Why linking customer and employee experience data is so important - and how to do itby
Companies should be linking employee experience to customer experience because it will enable them to quantitatively answer three pressing business questions.
Pundits and CEOs have long debated the relative merits of whether to focus primarily on the customer experience (CX) or the employee experience (EX).
Should the emphasis be on the direct experience of customers, who are the source of the revenues that fuel the firm, or should the company concentrate on employees, who essentially are the ‘delivery system’ for the customer experience? On one point they all agree: there is an inherent connection between the two.
WHY make the link?
Forget the generalisations about how important employees are to the customer experience or abstract platitudes about how the employee and customer experiences are symbiotic and mutually reinforcing.
Let’s be clear. Companies should be linking EX to CX because it will enable them to quantitatively answer three pressing business questions:
1. How does the employee experience (EX) affect specific customer experiences?
What you need to know is which specific aspects of the employee experience drive how much of the customer perceptions of their experiences and what is the relative impact of each. Just as a traditional key driver analysis of CX instructs a firm about the relative importance of the various criteria that affect the customer experience, in this instance companies can identify, quantify and prioritise the aspects of the employee experience that define the customer experience.
2. How does EX influence or shape the overall customer relationship?
We need to understand how do EX and transactional CX combined affect the customer relationship. Which specific aspects of EX and CX drive the relationship and what is the relative impact of each? Metrics aside, the analysis here combines EX and CX data to uncover the relative importance of the components of each in forging loyal customer relationships.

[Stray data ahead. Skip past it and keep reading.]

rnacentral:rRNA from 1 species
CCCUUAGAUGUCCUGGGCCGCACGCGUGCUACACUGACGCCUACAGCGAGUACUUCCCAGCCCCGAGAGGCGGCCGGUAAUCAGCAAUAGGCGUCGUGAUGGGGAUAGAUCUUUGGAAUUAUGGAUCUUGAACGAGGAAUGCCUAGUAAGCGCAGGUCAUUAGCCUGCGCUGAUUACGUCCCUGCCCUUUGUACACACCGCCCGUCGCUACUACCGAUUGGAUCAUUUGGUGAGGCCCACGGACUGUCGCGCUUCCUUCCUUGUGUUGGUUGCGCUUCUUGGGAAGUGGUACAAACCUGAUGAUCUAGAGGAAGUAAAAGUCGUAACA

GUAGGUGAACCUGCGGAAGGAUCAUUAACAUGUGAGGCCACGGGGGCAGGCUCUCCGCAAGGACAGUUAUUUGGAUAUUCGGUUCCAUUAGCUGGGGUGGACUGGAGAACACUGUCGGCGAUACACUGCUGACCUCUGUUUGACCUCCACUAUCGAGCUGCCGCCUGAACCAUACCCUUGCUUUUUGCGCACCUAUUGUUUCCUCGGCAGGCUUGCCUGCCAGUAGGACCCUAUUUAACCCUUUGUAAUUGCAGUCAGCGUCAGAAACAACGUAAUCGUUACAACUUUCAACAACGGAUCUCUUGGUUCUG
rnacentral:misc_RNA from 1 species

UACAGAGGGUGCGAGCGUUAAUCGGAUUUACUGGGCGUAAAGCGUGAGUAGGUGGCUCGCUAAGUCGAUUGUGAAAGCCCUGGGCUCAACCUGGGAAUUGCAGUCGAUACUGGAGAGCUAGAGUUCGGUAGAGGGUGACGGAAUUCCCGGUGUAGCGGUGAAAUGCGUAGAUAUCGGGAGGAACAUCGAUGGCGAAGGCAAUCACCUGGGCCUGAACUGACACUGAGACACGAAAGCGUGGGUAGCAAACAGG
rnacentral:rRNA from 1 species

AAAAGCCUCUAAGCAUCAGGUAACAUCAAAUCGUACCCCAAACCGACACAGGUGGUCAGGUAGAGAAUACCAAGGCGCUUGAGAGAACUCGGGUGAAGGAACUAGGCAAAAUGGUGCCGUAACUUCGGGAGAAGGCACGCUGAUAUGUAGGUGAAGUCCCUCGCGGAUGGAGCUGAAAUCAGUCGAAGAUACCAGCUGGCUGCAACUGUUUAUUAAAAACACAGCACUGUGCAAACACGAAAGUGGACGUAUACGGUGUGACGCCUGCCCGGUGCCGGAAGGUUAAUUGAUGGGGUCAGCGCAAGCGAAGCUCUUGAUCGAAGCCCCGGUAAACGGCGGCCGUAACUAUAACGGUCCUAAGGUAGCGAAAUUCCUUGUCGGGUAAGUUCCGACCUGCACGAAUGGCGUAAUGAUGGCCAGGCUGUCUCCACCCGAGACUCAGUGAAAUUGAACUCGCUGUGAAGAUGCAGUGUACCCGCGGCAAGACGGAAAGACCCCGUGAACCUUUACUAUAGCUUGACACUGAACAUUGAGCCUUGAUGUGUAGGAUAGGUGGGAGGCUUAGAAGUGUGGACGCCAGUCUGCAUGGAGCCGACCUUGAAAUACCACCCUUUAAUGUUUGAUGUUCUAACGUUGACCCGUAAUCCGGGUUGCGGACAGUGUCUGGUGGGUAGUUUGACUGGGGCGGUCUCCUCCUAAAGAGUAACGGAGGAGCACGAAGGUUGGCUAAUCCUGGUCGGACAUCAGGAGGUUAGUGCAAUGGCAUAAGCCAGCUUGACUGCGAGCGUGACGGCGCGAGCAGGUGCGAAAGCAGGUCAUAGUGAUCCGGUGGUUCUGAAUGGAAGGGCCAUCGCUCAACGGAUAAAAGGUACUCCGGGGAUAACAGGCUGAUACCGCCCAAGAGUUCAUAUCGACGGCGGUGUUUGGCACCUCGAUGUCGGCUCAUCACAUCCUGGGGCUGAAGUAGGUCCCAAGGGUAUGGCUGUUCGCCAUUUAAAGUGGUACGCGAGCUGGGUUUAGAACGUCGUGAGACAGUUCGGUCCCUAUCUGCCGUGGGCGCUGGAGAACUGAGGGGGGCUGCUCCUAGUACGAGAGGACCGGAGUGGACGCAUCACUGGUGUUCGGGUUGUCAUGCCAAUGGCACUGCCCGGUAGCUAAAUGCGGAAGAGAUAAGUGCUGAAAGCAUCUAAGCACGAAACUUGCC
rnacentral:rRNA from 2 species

3. How do EX and CX combined drive business outcomes and customer behaviours?
The focus here is on issues such as unit or overall sales or profitability or customer retention, spend or frequency of shop. Which specific aspects of EX and CX explain what share of the business results and what is the relative impact of each? The aim here is to reach beyond detailing how EX and CX drive a KPI towards how the components of EX and CX determine business results and customer behaviours that create (or destroy) value for a firm.
HOW do you make the link?
Or more accurately, what ‘level’ should the employee and customer data be ‘connected’ for the analysis? The answer is that it will vary depending on the nature of the business issue, the type of business, the business question and, of course, what data are available.
Macro-level connections (where overall EX and CX results cannot be directly linked to an individual employee or groups of employees) might seem appealing but they often prove least useful.
Therefore we describe the most typical linkage as either a micro connection or a unit-level connection.
- Micro connections are totally granular and are all about the direct linkage between how individual employee experiences translate into a specific transactional customer experience. Micro connections are for measuring how differences in the experiences of individual employees shape the experiences of the individual customers with whom they interact on a specific transaction.
- Unit-level connections, by contrast, apply when there is a direct link between a customer and an employee team or group (AKA ‘unit’) where the individual employees involved can’t be readily identified as dealing with a particular customer or are anonymous. Unit-level connections are to determine how differences in the experiences of employees in various groups or units influence the experiences, relationships and behaviours of customers of those units and the business performance of those units.
Focusing on the individual